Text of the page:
a java profile osgi.java.profile may contain a "org.osgi.framework.bootdelegation" property. This value may be used to set the system property "org.osgi.framework.bootdelegation". The osgi.java.profile.bootdelegation indicates the policy for bootdelegation to be used. The following values are valid (default is ignore):
osgi.install.area {-install}
the install location of the platform. This setting indicates the location of the basic Eclipse plug-ins and is useful if the Eclipse install is disjoint. See the section on locations for more details.
osgi.instance.area {-data}
the instance data location for this session. Plug-ins use this location to store their data. For example, the Resources plug-in uses this as the default location for projects (aka the workspace). See the section on locations for more details.
osgi.instance.area.default
the default instance data location for this session. Plug-ins use this location to store their data. For example, the Resources plug-in uses this as the default location for projects (aka the workspace). This value (i.e., the default setting) is only used if no value for the osgi.instance.area is set. See the section on locations for more details.
osgi.locking
the locking type to use for this run of the platform. The valid locking types are "java.io", "java.nio", and "none". The default value is "java.nio" unless the JRE does not support "java.nio" then "java.io" is the default.
osgi.manifest.cache
the location where generated manifests are discovered and generated. The default is in the configuration area but the manifest cache can be stored separately.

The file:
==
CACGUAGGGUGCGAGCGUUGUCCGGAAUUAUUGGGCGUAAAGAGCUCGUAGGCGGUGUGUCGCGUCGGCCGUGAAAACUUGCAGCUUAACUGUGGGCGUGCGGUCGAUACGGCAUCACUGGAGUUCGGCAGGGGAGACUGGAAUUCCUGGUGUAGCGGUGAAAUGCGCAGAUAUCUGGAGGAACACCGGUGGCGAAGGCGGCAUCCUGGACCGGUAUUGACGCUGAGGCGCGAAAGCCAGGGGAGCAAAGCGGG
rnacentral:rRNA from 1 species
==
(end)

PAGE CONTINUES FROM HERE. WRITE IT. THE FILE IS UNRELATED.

osgi.nl {-nl}
the name of the locale on which Eclipse platform will run. NL values should follow the standard Java locale naming conventions.
osgi.nl.user
the name of the locale when the user explicitly adds -nl to the command-line arguments.
osgi.noShutdown {-noExit}
if "true", the OSGi Framework will not be shut down after the Eclipse application has ended. This is useful for examining the OSGi Framework after the Eclipse application has ended. Note that the VM will terminate if no active non-daemon threads exists. See osgi.framework.activeThreadType.
osgi.os {-os}
the operating system value. The value should be one of the operating system names known to Eclipse (e.g., win32, linux, ...). See org.eclipse.osgi.service.environment.Constants for known values.
osgi.parentClassloader
the classloader type to use as the parent classloader for all bundles installed in the Framework. The valid types are the following:
osgi.requiredJavaVersion
The minimum java version that is required to launch Eclipse. The default value is "1.4.1".
osgi.resolverMode
the mode used to resolve bundles installed in the Framework. The default resolver mode is not strict. The following options are available.
osgi.resolver.usesMode
the resolver mode used to resolve uses directives on Export-Package statements.
osgi.sharedConfiguration.area
the shared configuration location for this run of the platform. If the osgi.configuration.cascaded property is set to "true" then shared configuration area is used as the parent configuration.
osgi.signedcontent.support
A comma separated list of options for signed content support. The valid types are the following:
osgi.signedcontent.trust.engine
A service property key used to identify an implementation of the org.eclipse.osgi.service.security.TrustEngine service. A TrustEngine service should be registered with a unique value for this property to allow selection of the TrustEngine service implementation. The osgi.signedcontent.trust.engine property can be used as a configuration property to select particular TrustEngine service implementations at runtime. If this property is not set then all available TrustEngine services are used at runtime.
osgi.splashLocation
the absolute URL location of the splash screen (.bmp file) to to show while starting Eclipse. This property overrides any value set in osgi.splashPath.